Cycling on the roads is inherently dangerous. You’re out there with cars and trucks and in a collision with either, you’ll always lose, so sticking out is always advisable. You want to stick out – to be visible on the road.
Sticking out like a sore thumb? Not so much.
We’ve got a guy who used to show up every now and again to ride with us who was so dangerous, we had to be aggressively mean to him to get him to either, A) think about the others in the group or B) leave. He chose the latter. To be very clear, the guy had no business in a group. He was a danger to himself and others every time he rode with a group bigger than one. He was also a disheveled mess – I believe he actually wore his helmet backwards. More than once. He also rode in cotton T-shirts tucked into his shorts. On a triathlon bike. In a group. He stuck out, alright.
That’s the bad kind of “sticking out”. There is a saying in golf that works in cycling, to an extent: If you can’t play good, look good. Never mind the improper English, there’s something to the saying. For cycling, if you can’t ride fast, look fast” (or perhaps, look good slow) is a little closer.
It’s fairly obvious what will stick out and what won’t as colors go. Think “bright”. Black isn’t great, gray is worse, but if you’re riding in a group that’s fairly large, you won’t have much to worry about. Reds, whites, pinks, oranges, bright blue, the neons… these are all winners in the “Hey, look at me” colors for cycling. Also, and this is my favorite, people who like to fancy themselves “intelligent” love to tell you not to wear red because “science” says it blends in too well. Don’t wear black because it “matches the road”… First, don’t fall for “studies showed”. Studies may have shown that red blends, but who are you going to trust, studies or your lying eyes? Red sticks out better than neon yellow in many settings, for God’s sake. Blue and white are also fantastic.
So what if you absolutely, positively have to wear black? Black does stick out a little bit in the sunshine but it’s not great in the shadows or on a cloudy day. Gray, is even worse. The equalizer is a taillight. A taillight can make a big difference if you have to dress all Johnny Cash on the bike.
Some things to look out for – things we seasoned cyclists notice in an instant that’ll show a noob’s noobishness:
- T-shirts. Cotton is for the couch after the ride. Cotton is the third worst fabric to wear on a bicycle behind only rubber/neoprene and plastic. Who would wear a wetsuit on a ride? Exactly. Nobody…. except the guy would would wear a T-shirt. Tucked into his cycling shorts. Shorts and T-shirts are great for puttering around in town to head to a restaurant. They are not for a pace-line. And you don’t have to spend an arm and a leg to look good. The Black Bibs are phenomenal at just $40. Jersey deals abound online if you look closely. Enter “Cycling Jersey Sale” into a search engine and go to town. Just look out for the junk… stuff that has a really weird name is usually a dead giveaway. Specialized, Trek/Bontrager, Pactimo, Castelli, Gore, Primal, Funkier, Giant, Cannondale, Pearl Izumi, Louis Garneau, Bellweather, Giro all have decent cycling clothes. Jerseys have three back pockets to carry essentials (onboard fuel – gels & bars), spare tube and tire levers, etc.. Cotton is horribly uncomfortable when wet or sweaty.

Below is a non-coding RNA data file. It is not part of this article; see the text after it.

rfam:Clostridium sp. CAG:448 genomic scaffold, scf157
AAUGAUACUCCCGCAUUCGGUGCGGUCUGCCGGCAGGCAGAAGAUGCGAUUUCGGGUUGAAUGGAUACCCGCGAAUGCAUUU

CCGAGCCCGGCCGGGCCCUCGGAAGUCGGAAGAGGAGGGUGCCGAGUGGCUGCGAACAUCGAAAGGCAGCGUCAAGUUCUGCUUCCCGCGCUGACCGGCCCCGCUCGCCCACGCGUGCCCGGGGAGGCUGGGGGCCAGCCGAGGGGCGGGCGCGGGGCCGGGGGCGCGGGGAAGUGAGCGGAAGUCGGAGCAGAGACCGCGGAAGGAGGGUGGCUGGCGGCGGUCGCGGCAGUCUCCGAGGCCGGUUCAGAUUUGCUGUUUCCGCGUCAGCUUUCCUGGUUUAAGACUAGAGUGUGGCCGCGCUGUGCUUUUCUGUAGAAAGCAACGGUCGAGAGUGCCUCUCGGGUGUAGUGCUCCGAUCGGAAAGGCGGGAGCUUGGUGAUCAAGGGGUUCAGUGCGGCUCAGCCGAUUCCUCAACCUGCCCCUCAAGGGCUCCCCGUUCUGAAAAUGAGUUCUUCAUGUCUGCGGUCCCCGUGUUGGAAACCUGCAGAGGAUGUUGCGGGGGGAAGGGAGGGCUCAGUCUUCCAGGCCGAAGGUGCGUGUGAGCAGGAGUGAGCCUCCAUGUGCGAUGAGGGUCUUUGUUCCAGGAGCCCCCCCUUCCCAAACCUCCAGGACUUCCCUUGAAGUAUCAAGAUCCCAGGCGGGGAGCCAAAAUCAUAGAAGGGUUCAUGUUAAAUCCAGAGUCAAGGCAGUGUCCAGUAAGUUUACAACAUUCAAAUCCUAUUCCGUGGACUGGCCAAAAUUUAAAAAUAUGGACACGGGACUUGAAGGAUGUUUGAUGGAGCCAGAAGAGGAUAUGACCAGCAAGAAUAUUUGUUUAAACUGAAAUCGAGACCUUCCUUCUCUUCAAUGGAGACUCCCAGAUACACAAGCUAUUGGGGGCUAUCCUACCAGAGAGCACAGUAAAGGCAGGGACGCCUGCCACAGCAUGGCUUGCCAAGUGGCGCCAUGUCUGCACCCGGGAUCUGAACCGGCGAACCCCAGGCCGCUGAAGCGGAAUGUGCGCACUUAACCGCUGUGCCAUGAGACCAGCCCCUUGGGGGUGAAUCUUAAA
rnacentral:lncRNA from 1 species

- Underwear. Especially ladies. You DO NOT wear underwear unless you want to feel like you’re riding on barbed wire… or just wait till you step into the shower after the ride! WOOO! That’s pain, baby!
- Plastic rain jackets. We all have to learn this once on our own. You can wear a plastic rain jacket in Canada in the middle of January with just a light layer underneath and you’ll sweat to death inside of 30 miles. A plastic rain jacket won’t keep you warm in the rain. It’ll cause you to melt.
- Dirty clothes. Second-day cycling stuff doesn’t work. You sweat too much and once you remove the garments, bacteria grow. You want to know the meaning of the word pain? Wear the same shorts three or four days in a row without washing them. Just be prepared financially for a long stay in a small hospital room. If you make it to the hospital. You have been warned (and this isn’t hyperbole).
- Choose your colors wisely. “Peacock” doesn’t apply to bibs/shorts. Unless the bibs match a kit, stick with black. Maybe a colored band at the bottoms of the legs, but otherwise just black. Socks, however, are your chance to show some flash. There aren’t many rules on socks except this: don’t wear those silly compression socks that ride up to the knee till after the ride.
- Be yourself! Wisely.
UPDATE: For a further “how it’s done” scroll down to Brent’s comment. There are a few great tips in it.
I agree with the need to wear bright colors. But I reserve the right to look like a doofus. I just bought a Bert & Ernie jersey to go with my Cookie Monster jersey. I also have a Gumby one. And a Star Trek one. And a few other similarly tongue in cheek items in the drawer.
I figure that by wearing that sort of irreverent nonsense, I earn more respect than if I wear kit from the hottest pro team. I particularly go out of my way to avoid anything with a set of rainbow stripes or anything in solid yellow. Anybody seeing me in world championship stripes or an imitation Tour de France leader jersey would have a much lower opinion of me as anyone can figure that I never was fast enough to act all “pro.”
I’m going to have to edit my post to point to your comment, Brent. Yours is the right way to do it – especially with the Yellow Jersey or World Champ rainbow stripes… I avoid those like the plague. Oh, wait…
[…] They took a long time to arrive, but the price was good. I went with red today because one of my readers thinks black and red are the best combinations for bike colours. My bike has no red, but I was wearing a red jersey, so I went for the match. It seemed to work as […]